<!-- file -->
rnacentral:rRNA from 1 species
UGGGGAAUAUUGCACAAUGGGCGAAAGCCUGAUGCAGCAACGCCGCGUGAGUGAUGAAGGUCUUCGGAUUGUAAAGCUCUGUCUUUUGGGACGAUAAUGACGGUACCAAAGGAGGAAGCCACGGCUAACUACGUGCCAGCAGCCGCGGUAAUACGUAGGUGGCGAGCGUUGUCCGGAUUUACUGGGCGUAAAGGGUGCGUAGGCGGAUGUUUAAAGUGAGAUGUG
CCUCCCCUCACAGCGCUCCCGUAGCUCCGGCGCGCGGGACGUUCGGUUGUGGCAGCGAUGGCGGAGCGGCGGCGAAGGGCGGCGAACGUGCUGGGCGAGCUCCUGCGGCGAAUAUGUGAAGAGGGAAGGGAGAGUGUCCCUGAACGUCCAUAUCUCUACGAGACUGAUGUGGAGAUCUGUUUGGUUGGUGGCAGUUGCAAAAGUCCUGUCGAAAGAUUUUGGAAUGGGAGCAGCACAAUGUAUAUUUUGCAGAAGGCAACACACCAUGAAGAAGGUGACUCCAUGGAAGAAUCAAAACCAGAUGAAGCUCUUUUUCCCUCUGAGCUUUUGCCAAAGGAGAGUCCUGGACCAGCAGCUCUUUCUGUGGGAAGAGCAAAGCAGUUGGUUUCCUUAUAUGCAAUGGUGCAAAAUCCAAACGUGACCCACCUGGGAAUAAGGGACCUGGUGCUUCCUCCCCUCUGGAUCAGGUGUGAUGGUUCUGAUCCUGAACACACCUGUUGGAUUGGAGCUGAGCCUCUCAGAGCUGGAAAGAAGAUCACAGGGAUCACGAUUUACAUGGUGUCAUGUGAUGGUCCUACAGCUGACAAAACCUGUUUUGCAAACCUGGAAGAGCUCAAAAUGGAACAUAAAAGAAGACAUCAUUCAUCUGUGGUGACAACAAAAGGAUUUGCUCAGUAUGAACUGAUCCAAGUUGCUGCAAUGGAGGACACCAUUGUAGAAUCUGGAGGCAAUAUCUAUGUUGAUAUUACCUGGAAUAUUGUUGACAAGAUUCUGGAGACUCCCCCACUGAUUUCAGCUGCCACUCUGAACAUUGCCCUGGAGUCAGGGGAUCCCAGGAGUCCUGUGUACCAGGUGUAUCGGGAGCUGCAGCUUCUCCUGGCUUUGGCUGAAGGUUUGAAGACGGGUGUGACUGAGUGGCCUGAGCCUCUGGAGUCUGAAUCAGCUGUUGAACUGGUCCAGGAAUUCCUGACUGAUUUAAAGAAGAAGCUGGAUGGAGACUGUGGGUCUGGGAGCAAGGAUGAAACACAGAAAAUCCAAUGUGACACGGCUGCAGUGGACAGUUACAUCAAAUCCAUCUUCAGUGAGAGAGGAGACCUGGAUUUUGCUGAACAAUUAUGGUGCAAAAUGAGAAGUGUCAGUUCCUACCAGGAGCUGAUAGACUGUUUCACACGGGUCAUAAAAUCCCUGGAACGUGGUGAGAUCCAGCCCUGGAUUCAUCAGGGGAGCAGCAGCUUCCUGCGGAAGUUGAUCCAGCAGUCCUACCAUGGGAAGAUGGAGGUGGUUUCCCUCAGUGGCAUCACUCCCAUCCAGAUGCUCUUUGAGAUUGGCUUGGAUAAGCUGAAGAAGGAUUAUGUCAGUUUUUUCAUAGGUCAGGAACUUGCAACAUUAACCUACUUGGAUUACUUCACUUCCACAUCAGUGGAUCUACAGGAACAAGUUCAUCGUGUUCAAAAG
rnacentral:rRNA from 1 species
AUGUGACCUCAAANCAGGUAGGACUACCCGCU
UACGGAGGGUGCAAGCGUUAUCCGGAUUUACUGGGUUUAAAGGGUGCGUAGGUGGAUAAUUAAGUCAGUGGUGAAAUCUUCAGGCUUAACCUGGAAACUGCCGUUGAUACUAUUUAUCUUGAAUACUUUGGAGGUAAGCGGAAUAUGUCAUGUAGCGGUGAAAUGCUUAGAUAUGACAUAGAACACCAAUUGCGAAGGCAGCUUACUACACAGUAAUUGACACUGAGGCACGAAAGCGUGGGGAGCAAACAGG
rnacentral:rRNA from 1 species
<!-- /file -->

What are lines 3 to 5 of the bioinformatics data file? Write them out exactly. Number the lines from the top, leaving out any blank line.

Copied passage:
CCUCCCCUCACAGCGCUCCCGUAGCUCCGGCGCGCGGGACGUUCGGUUGUGGCAGCGAUGGCGGAGCGGCGGCGAAGGGCGGCGAACGUGCUGGGCGAGCUCCUGCGGCGAAUAUGUGAAGAGGGAAGGGAGAGUGUCCCUGAACGUCCAUAUCUCUACGAGACUGAUGUGGAGAUCUGUUUGGUUGGUGGCAGUUGCAAAAGUCCUGUCGAAAGAUUUUGGAAUGGGAGCAGCACAAUGUAUAUUUUGCAGAAGGCAACACACCAUGAAGAAGGUGACUCCAUGGAAGAAUCAAAACCAGAUGAAGCUCUUUUUCCCUCUGAGCUUUUGCCAAAGGAGAGUCCUGGACCAGCAGCUCUUUCUGUGGGAAGAGCAAAGCAGUUGGUUUCCUUAUAUGCAAUGGUGCAAAAUCCAAACGUGACCCACCUGGGAAUAAGGGACCUGGUGCUUCCUCCCCUCUGGAUCAGGUGUGAUGGUUCUGAUCCUGAACACACCUGUUGGAUUGGAGCUGAGCCUCUCAGAGCUGGAAAGAAGAUCACAGGGAUCACGAUUUACAUGGUGUCAUGUGAUGGUCCUACAGCUGACAAAACCUGUUUUGCAAACCUGGAAGAGCUCAAAAUGGAACAUAAAAGAAGACAUCAUUCAUCUGUGGUGACAACAAAAGGAUUUGCUCAGUAUGAACUGAUCCAAGUUGCUGCAAUGGAGGACACCAUUGUAGAAUCUGGAGGCAAUAUCUAUGUUGAUAUUACCUGGAAUAUUGUUGACAAGAUUCUGGAGACUCCCCCACUGAUUUCAGCUGCCACUCUGAACAUUGCCCUGGAGUCAGGGGAUCCCAGGAGUCCUGUGUACCAGGUGUAUCGGGAGCUGCAGCUUCUCCUGGCUUUGGCUGAAGGUUUGAAGACGGGUGUGACUGAGUGGCCUGAGCCUCUGGAGUCUGAAUCAGCUGUUGAACUGGUCCAGGAAUUCCUGACUGAUUUAAAGAAGAAGCUGGAUGGAGACUGUGGGUCUGGGAGCAAGGAUGAAACACAGAAAAUCCAAUGUGACACGGCUGCAGUGGACAGUUACAUCAAAUCCAUCUUCAGUGAGAGAGGAGACCUGGAUUUUGCUGAACAAUUAUGGUGCAAAAUGAGAAGUGUCAGUUCCUACCAGGAGCUGAUAGACUGUUUCACACGGGUCAUAAAAUCCCUGGAACGUGGUGAGAUCCAGCCCUGGAUUCAUCAGGGGAGCAGCAGCUUCCUGCGGAAGUUGAUCCAGCAGUCCUACCAUGGGAAGAUGGAGGUGGUUUCCCUCAGUGGCAUCACUCCCAUCCAGAUGCUCUUUGAGAUUGGCUUGGAUAAGCUGAAGAAGGAUUAUGUCAGUUUUUUCAUAGGUCAGGAACUUGCAACAUUAACCUACUUGGAUUACUUCACUUCCACAUCAGUGGAUCUACAGGAACAAGUUCAUCGUGUUCAAAAG
rnacentral:rRNA from 1 species
AUGUGACCUCAAANCAGGUAGGACUACCCGCU